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  • RODRIGUEZ-POSE Andres (8)
  • KEMENY Thomas (5)
  • FAROLE Thomas (4)
  • SCOTT Allen J. (3)
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in Progress in Human Geography Publié en 2011-02
FAROLE Thomas
RODRIGUEZ-POSE Andres
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Human geography is in a unique position to understand how local structural factors shape social, political, and ultimately economic outcomes. Indeed, the discipline has had much to say about the interaction between local institutions and the economy in general, and about how the broader institutions of society influence local economic development. Yet, to date, geographers have for the most part avoided debates on more generalized theories of economic growth and development. With the increasing recognition — among sociologists, political scientists and even economists — that explaining economic growth robustly requires taking into account the role of both formal society-wide institutions and local and sometimes informal institutions, geographers are in a position to make an important contribution. In order to do so, however, they will need to take greater account of the theories and developments that are taking place outside the discipline. Using the framework of community and society as complementary structural forces shaping development trajectories, this paper presents a broad overview of the principal theoretical and empirical developments in the institutionalist approaches to economic development and identifies areas in which geographical research could contribute to them.

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Research on the institutional foundations of economic development emphasizes either rulebound systems of exchange or informal bonds between individuals and within small groups. This corresponds to a classical division in social science, between the forces of society and those of community. This cleavage largely ignores their interactions, which are likely to shape the institutions that underpin economic development in decisive ways. This paper operationalises and tests how the interaction of the forces of community (or social capital) and society (or rules) impact three types of institutions: those involved in problem solving, those that shape microeconomic efficiency and those that influence social policy, across fiftyeight countries. We find that both community and society are important determinants across all institutional domains, and are in many cases mutually reinforcing, but that different specific aspects of community and society are most relevant to different institutional domains. Instrumental associationalism, whether formal or informal, and a robust rules environment are the most important determinants of positive institutional outcomes.

in Scienze regionali Publié en 2011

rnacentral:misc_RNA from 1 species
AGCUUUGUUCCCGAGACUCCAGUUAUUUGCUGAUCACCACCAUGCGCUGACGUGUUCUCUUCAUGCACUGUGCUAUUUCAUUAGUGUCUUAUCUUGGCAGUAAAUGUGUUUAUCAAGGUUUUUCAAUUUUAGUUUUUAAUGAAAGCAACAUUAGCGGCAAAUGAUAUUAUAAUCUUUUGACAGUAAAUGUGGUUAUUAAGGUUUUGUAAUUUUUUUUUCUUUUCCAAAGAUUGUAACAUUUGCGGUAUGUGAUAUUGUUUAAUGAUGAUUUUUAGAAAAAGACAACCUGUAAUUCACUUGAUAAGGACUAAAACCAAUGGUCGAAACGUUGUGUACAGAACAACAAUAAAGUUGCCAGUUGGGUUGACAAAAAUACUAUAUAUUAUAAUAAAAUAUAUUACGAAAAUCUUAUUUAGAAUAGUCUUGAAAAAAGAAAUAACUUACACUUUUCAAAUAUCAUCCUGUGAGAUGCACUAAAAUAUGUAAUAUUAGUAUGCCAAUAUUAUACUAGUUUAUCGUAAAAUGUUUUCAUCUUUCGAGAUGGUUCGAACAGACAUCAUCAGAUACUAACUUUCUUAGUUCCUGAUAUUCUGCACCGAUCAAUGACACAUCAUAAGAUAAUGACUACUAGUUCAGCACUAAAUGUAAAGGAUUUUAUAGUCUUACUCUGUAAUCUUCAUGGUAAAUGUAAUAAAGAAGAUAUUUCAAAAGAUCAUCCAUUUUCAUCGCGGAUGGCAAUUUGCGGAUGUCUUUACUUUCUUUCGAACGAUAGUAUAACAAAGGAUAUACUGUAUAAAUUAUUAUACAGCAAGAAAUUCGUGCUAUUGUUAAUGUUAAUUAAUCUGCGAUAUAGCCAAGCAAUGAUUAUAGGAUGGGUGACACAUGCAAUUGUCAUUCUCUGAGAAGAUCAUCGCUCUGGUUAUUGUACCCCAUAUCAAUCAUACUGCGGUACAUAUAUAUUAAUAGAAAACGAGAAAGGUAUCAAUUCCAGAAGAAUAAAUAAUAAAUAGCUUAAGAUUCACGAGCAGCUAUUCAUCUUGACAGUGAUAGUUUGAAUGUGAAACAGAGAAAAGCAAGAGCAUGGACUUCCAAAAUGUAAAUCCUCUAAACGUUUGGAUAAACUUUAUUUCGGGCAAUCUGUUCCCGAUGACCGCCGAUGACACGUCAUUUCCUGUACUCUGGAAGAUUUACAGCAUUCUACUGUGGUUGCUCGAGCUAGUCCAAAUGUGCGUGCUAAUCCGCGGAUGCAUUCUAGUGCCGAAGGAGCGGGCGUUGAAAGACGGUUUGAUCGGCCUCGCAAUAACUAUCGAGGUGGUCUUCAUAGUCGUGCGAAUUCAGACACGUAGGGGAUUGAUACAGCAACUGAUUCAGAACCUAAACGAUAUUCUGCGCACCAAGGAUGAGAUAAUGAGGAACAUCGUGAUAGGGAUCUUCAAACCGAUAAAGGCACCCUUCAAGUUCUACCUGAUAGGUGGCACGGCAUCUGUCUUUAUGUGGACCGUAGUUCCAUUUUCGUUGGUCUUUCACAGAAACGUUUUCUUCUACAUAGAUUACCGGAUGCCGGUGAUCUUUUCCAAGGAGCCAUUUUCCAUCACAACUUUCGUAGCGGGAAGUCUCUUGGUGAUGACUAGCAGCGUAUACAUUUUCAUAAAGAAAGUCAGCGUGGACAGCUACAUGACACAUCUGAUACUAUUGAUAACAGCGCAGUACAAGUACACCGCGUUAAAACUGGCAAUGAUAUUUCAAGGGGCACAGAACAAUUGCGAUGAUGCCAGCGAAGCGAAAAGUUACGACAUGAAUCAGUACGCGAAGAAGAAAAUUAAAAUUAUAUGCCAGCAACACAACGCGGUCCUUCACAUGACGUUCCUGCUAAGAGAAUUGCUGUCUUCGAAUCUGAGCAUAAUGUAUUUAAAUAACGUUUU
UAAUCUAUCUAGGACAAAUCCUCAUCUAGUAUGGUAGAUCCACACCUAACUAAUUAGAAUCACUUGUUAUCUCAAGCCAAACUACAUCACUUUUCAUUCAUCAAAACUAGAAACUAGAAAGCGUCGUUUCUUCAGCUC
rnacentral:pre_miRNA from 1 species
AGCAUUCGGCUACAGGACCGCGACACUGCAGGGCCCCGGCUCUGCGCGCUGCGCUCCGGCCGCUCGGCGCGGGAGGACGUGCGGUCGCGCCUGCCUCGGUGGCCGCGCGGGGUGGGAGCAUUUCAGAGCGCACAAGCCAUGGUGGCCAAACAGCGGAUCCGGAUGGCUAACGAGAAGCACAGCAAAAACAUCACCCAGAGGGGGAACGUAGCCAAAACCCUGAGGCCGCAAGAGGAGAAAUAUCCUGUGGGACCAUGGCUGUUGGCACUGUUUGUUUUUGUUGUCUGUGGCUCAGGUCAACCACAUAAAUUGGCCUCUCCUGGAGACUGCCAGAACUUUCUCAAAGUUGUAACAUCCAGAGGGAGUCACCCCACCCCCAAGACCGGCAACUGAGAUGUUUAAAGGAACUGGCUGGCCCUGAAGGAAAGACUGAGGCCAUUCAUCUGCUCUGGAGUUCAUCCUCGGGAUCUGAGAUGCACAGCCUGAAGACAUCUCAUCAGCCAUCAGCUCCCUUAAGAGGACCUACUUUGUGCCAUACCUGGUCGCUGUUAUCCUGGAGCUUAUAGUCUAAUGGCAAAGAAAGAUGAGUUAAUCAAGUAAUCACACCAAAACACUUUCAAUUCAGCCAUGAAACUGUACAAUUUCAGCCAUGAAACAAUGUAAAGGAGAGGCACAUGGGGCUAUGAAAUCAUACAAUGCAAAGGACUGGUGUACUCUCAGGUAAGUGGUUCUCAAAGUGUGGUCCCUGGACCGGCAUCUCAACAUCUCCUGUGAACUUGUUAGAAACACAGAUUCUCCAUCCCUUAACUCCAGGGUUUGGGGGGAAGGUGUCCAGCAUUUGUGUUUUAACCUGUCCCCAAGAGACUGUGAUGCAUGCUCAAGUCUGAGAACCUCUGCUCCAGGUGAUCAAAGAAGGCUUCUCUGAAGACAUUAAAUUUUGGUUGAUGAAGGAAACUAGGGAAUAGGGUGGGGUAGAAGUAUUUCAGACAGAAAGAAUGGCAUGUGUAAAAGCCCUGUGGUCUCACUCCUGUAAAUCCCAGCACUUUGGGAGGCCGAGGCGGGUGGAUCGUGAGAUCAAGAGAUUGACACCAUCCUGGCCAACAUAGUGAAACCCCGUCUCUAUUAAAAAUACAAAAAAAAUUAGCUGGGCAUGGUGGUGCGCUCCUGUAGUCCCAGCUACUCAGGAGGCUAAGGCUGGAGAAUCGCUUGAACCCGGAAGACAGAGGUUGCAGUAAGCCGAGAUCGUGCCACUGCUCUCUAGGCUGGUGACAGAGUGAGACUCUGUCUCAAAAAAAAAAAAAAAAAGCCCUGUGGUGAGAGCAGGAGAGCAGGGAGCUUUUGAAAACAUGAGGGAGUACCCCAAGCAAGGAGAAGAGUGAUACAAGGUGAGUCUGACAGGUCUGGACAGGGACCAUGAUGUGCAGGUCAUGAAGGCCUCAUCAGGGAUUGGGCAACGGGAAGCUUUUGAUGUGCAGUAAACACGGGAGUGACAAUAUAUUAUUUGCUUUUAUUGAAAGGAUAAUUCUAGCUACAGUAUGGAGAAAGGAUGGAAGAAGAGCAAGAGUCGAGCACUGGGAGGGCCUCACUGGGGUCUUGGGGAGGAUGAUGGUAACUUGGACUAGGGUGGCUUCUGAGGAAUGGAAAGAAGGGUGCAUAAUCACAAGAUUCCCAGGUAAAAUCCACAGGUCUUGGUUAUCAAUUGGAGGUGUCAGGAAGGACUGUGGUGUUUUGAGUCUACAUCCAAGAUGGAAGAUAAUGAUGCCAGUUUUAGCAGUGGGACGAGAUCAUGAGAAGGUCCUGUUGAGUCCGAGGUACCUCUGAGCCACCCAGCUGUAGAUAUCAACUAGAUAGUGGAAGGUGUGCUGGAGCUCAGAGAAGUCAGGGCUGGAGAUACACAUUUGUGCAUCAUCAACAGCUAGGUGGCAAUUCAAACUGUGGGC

RODRIGUEZ-POSE Andres
FAROLE Thomas
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Research on the institutional foundations of economic development is sharply divided between those who emphasize rule-bound systems of exchange (‘society’), and those who stress the importance of informal or voluntary bonds between individuals or small groups (‘community’). This paper reports an exploratory effort to operationalize the concepts of community and society and test how they impact different types of institutions, across fifty-eight countries. The results are encouraging and suggest several avenues for more refined research. We find that both community and society are important determinants across all institutional domains, and are in many cases mutually reinforcing.

in International Journal of Urban and Regional Research Publié en 2015-01
SCOTT Allen J.
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There has been a growing debate in recent decades about the range and substance of urban theory. The debate has been marked by many different claims about the nature of cities, including declarations that the urban is an incoherent concept, that urban society is nothing less than modern society as a whole, that the urban scale can no longer be separated from the global scale, and that urban theory hitherto has been deeply vitiated by its almost exclusive concentration on the cities of the global North. This article offers some points of clarification of claims like these. All cities can be understood in terms of a theoretical framework that combines two main processes, namely, the dynamics of agglomeration/polarization, and the unfolding of an associated nexus of locations, land uses and human interactions. This same framework can be used to identify many different varieties of cities, and to distinguish intrinsically urban phenomena from the rest of social reality. The discussion thus identifies the common dimensions of all cities without, on the one hand, exaggerating the scope of urban theory, or on the other hand, asserting that every individual city is an irreducible special case.